Our researchers investigate medicine use and pharmaceutical policy in population studies, which include register research, but also in qualitative studies. Sustainability perspectives are important for the research group, from social sustainability and to counteracting inequity in treatment and use, to the environmental impact of medicine use. The research is conducted through the research group MEDUP and via a network with other researchers in the same field. The goal is to help ensure, through research, that medical treatment and medicine use are equitable and rational, and lead to good health, quality of life and patient satisfaction.
More information about the MEDUP Research group
Our research areas
- Prescribing, use of medicines, and their outcomes
- Strategies for improving medicine use in society: drug policies and pharmaceutical interventions at pharmacies and in health care
- The pharmaceutical professions, pharmacy practice and collaboration with other health care professionals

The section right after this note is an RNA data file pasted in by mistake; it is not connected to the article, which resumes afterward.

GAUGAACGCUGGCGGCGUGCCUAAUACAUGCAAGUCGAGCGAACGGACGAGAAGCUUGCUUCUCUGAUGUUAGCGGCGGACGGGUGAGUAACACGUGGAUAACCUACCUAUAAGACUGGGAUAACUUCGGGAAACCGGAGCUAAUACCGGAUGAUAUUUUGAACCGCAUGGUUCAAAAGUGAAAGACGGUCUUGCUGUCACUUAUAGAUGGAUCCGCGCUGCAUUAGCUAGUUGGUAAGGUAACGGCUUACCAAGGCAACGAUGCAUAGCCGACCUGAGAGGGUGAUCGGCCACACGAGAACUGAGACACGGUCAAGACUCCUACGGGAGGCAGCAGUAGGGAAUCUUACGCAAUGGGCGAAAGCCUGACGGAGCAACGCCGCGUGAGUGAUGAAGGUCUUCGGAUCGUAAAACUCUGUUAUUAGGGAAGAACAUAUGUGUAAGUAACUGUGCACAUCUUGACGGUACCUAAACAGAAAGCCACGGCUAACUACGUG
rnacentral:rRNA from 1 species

- Development of research methods in the field
Currently, our researchers are studying perceived barriers to medical treatment in people with asthma, patient safety in Swedish pharmacies, and different perspectives on medicines and the environment. In a method project, a new questionnaire is being developed to measure adherence to medical treatment. We are also planning for a new project on medicines that are bought illegally.
- A large-scale population study shows that 2 per cent of the Swedish people are affected by headaches as a result of medicine overuse. These headaches are caused by drugs used to treat migraines and tension headaches, and are more common in people with lower educational attainment and income levels.
- The first Swedish studies of various ways of measuring medication adherence, using the Swedish Prescribed Drug Register, were carried out with contributions from the MEDUP research group.
- Knowledge about the use of over-the-counter (OTC) medicines was previously limited. The MEDUP research group has been able to show that in general, except for young adults, Swedes have a good understanding of potential risks of OTC medicines.